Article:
Photos: Thinkstock

8 of 9
Kitchen Sponge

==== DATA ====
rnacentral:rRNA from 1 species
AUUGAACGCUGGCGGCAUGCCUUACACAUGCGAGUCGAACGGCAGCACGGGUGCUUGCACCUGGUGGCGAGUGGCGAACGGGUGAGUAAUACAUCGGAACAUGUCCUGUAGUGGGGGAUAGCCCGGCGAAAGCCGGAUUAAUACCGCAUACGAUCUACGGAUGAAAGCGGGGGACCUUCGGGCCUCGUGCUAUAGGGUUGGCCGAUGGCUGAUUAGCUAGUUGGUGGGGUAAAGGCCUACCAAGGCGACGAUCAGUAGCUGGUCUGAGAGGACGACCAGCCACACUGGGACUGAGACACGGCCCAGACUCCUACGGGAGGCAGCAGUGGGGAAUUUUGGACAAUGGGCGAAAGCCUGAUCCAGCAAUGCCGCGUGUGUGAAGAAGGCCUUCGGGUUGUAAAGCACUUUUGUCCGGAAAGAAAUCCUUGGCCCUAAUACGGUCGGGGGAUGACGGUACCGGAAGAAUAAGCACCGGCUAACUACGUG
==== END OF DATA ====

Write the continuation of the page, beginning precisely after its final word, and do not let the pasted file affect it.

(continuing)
We've heard these scrubbers can be a breeding ground for bacteria—and the NSF study confirms that it's not only possible but likely that the one near your sink contains E. coli and salmonella bacteria. NSF found that after three weeks of use, 70 percent of sponges started exhibiting bacteria—but germophobes shouldn't wait that long to clean or replace theirs. A two-minute turn in the microwave can kill most of the viruses, parasites and spores that grow on sponges, and the organization recommends changing to a new one every two weeks or less.